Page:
17. Depends on the context. If we’re talking about how effective or subjectively “good” the music is, you’re right that the artist’s intent doesn’t really matter. But wild speculation about the process of art just feeds into the misinformation machine and distorts history. It might sound cool to imagine JW writing in a certain way but not if it obscures his actual process. To me it makes more sense to accept the simple fact that JW doesn’t use themes in a strict and empirical way, rather than to imagine he’s playing a complicated game of 5-dimensional chess to explain away thematic inconsistencies and “preserve” his genius. The latter is disconcerting to me, and as I mentioned earlier, resembles a conspiracy theory mindset.
  18. I will again say that I don’t think Williams writes scores like that. He does not watch these films thinking about what is going to happen, he writes for what is happening in the moment. He did not hide anything in Rey’s theme. He simply used a melodic and harmonic vocabulary that is consistent with all of his Star Wars scores. Any resemblance to other leitmotifs is purely a result of that vocabulary, nothing more.
  19. I think the most simple reading is that at this point in the film Ron and Hermione have become Harry's family, like Hogwarts has become his home. It's just a little precursor to Leaving Hogwarts which makes both of those things more explicit. But even more likely is that JW has always played fast and loose with his themes, he probably just thought it sounded good. If you start looking into his every choice like Mattris does you'll end up down a conspiracy rabbit hole. I very much doubt John Williams was thinking about which of these 11-year old characters were going to hook up when he wrote the score.
  20. I'm really excited for SNW. Easily the strongest parts of Discovery were the episodes focused on Pike and his crew. The news that it's mostly episodic bodes very well - it's crazy how much my preference for that format has increased over the years. I've been watching the odd Voyager lately (which was my entry into Trek) and I've really loved the tight storytelling, and how easy it is to dip in and out of the episodes and not feel anxious I've missed anything important. Speaking of VOY, it's aged pretty well IMO (save for the frequently stilted Kes/Paris/Kim scenes). I know it has its detractors but Mulgrew gives 100% in every scene she's in, as do most of the rest of the cast. I reeeeally hope she turns up in person one of these days - a spin-off with Seven, Raffi and Janeway would be really fantastic. I know her relationship with Jeri Ryan was strained but I'd like to think they patched things up. If Beltran can come back to voice Chakotay after burning his bridges then anything's possible. One amusing thing I've noticed is just how damn close everyone used to have to stand near each other in the 4:3 aspect ratio days. The actors are practically on top of each other to stay in the frame together, it's quite funny.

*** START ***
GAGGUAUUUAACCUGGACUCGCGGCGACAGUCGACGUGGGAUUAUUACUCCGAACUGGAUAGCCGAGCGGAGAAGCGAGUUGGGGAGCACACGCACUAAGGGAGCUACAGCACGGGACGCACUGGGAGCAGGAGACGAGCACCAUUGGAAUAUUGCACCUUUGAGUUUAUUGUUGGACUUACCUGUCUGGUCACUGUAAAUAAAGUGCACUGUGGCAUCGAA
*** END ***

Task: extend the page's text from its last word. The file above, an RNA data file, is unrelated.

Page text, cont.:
21. I'd say the first half of the first season is the weakest. Super hyperactive and loud (like Rick and Morty). Later on things slow down a little and they actually start to focus on interesting Trek plots, but it's still a cartoon so it's always going to be a bit boisterous. Some of the characters can be abrasive, but that's part of the charm for me. Maybe try a random later episode and see if you like it (it's mostly episodic), but yeah, it might not be for you.
  22. He could still die this season, any appearances in the future could be from his earlier timeline. But yeah, you’re right it’s probably unlikely.
  23. I just finished season 2 of Lower Decks. It’s really great, once it figured the tone out and decoupled itself from Rick and Morty. And holy moly, the score is amazing!
  24. We’re at the fireworks factory finally! That was good fun, but I totally agree with all of your points about Picard’s flashbacks @Andy. Calling it now, the cryptic message from Queen Jurati means that If that’s how it goes down I won’t be disappointed. It’s been a fun season.
  25. This passage from 2:24 to the end of "A Walk in the Woods and Bird's Flight". There's just so much emotion and imagery in this 20 second snippet; a plaintive oboe echoed in longing with the clarinet, chilly tremolo strings evoking the falling snow, and a vaguely ominous pedaled note in the bass signalling the danger always lurking around the corner in this world. It's an exquisite moment in a score absolutely brimming with them.